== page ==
Glatiramer Acetate Cheminformatics Problem and Fifth ChemInfo Retrieval Class
It started out innocently enough. One of my students picked the multiple sclerosis drug glatiramer acetate for his project in my Chemical Information Retrieval class. This ultimately resulted in the removal of this substance from ChemSpider.
The problem is that this drug is a polymer but it is represented in many places as a simple mixture of acetic acid and 4 amino acids (L-Ala, L-Glu, L-Lys, and L-Tyr). See for example Wikipedia, PubChem and DrugBank.
The SMILES representation is entered as 5 molecules joined by periods:
CC(O)=O.C[C@H](N)C(O)=O.NCCCC[C@H](N)C(O)=O.N[C@@H](CCC(O)=O)C(O)=O.N[C@@H](CC1=CC=C(O)C=C1)C(O)=OThis is probably the source of all subsequent miscalculations - such as a molecular weight of 623.7 (it actually has an average MW one order of magnitude larger), molecular formula C25H45N5O13, Topological Polar Surface Area of 374, Rotatable Bond Count 13, a 3D structure that is nowhere near reality, etc.
Glatiramer acetate is reported to bind to MHC molecules. If these molecular descriptors are used in any type of QSAR analysis this will just add noise to the models.
ChemSpider does not keep track of polymers, except perhaps for some well defined oligopeptides that can be represented by a single SMILES. Consequently it was removed from the database.
It is difficult to apply common cheminformatics tools to this substance. It might be tempting to try to place it in polypeptide/protein databases such as BioPD. But it does not have a well defined length or composition. In fact it is a random co-polymer so it can not even be represented by a repeating structure, such as one might do for polystyrene.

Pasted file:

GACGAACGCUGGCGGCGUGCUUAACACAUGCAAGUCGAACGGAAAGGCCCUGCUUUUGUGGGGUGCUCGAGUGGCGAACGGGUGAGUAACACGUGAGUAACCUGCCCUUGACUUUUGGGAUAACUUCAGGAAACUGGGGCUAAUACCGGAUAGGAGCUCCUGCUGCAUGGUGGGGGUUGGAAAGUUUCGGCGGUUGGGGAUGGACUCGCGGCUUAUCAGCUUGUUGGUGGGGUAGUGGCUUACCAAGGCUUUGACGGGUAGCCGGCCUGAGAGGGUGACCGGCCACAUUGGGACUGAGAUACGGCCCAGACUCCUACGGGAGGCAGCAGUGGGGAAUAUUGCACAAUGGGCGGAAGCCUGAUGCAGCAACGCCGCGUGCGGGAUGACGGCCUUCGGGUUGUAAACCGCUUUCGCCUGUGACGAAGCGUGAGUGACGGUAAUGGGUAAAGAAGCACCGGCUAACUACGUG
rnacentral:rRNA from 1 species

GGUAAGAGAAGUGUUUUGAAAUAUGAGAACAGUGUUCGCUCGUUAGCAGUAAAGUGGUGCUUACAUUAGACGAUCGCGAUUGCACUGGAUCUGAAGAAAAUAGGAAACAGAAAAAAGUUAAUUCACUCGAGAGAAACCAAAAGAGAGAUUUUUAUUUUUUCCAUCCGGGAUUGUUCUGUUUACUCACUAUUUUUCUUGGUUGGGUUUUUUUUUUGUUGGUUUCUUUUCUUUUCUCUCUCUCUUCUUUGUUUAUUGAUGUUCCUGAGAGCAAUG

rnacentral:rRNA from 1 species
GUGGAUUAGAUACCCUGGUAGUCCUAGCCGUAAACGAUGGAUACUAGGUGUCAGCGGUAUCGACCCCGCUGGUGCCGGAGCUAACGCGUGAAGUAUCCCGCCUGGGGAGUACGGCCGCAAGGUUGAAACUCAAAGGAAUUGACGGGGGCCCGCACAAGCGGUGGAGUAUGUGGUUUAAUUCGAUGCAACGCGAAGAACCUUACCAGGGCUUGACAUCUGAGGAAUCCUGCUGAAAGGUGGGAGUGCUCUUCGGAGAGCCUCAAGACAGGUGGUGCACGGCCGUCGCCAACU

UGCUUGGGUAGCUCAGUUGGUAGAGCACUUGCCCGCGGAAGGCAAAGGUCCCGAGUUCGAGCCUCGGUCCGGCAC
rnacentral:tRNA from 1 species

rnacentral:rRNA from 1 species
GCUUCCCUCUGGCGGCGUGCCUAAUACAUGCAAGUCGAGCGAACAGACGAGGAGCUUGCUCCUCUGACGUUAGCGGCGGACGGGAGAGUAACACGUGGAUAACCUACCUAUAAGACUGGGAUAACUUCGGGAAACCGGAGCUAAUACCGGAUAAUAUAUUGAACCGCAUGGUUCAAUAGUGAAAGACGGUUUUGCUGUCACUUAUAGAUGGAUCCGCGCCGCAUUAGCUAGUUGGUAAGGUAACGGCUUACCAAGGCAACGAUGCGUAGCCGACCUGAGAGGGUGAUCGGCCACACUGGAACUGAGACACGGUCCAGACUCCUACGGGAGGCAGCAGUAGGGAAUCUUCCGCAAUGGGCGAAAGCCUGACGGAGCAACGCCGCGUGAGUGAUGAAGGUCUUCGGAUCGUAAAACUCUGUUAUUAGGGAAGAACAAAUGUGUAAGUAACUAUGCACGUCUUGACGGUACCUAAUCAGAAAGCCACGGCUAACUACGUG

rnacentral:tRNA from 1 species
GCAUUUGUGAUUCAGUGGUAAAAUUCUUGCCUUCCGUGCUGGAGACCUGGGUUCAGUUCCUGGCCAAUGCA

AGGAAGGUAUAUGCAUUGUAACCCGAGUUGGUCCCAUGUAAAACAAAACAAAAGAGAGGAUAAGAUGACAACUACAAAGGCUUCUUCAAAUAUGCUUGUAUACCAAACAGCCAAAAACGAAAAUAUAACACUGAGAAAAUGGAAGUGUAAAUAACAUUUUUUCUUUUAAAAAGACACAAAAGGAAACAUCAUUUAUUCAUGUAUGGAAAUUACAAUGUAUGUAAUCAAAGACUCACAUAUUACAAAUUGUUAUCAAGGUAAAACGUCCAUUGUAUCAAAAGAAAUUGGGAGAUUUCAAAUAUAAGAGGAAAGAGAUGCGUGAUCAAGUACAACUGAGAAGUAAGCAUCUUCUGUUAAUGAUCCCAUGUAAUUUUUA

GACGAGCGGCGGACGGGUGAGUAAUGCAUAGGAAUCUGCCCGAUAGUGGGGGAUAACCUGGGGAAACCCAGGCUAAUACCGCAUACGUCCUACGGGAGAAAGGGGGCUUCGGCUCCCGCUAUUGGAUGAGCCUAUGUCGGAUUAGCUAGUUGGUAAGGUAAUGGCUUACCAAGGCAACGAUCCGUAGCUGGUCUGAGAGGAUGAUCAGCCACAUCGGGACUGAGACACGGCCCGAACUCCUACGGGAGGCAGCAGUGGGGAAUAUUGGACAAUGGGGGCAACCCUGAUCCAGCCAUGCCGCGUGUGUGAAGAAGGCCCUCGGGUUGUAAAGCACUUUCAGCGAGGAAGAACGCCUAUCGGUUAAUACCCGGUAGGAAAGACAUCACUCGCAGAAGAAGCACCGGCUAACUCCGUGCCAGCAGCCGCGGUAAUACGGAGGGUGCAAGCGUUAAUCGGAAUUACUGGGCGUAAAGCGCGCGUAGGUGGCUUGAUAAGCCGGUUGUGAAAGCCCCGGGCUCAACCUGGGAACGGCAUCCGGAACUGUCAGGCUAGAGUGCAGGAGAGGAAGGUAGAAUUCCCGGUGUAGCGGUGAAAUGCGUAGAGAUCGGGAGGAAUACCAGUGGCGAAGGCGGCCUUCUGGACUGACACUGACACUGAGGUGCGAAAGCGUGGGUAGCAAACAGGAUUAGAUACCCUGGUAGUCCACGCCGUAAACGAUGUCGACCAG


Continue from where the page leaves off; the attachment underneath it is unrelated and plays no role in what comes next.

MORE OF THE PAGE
In order to generate meaningful molecular descriptors for QSAR applications I suppose one strategy would be to generate a collection of SMILES representing the average composition of the drug in terms of ratios of amino acids and molecular weights. Each structure would generate molecular descriptors and 3D structures that are far more realistic than those currently listed. Perhaps it would turn out that only some of these polymer structures interact with MHC molecules. (If this has already been done please forgive the oversight - I didn't research this thoroughly. By the end of the term we should know more from the student's report)
The chronological summary of the lecture is as follows:
The fifth Chemical Information Retrieval class on October 22, 2009 started out with covering the new 3D structure viewer introduced recently at PLoS ONE to provide ideas for students doing a multimedia project this term. The current student answers to the chemistry publishing FAQ are then discussed. The reason for removing glatiramer acetate from ChemSpider is explained and a few databases (Wikipedia, PubChem, DrugBank) are visited that still contain the incorrect SMILES, 3D structure and related properties. An overview of an Open Access site (OAD) suggested by Bill Hooker is provided to suggest additional questions for the FAQ. Examples of questions discussed include primary and secondary sources, peer review, article level metrics (a PLoS ONE article on malaria is used as an example), citation searching, Impact Factors and whether one should use one's real name in the blogosphere. Databases Scirus, Web of Science and PubMed are also reviewed.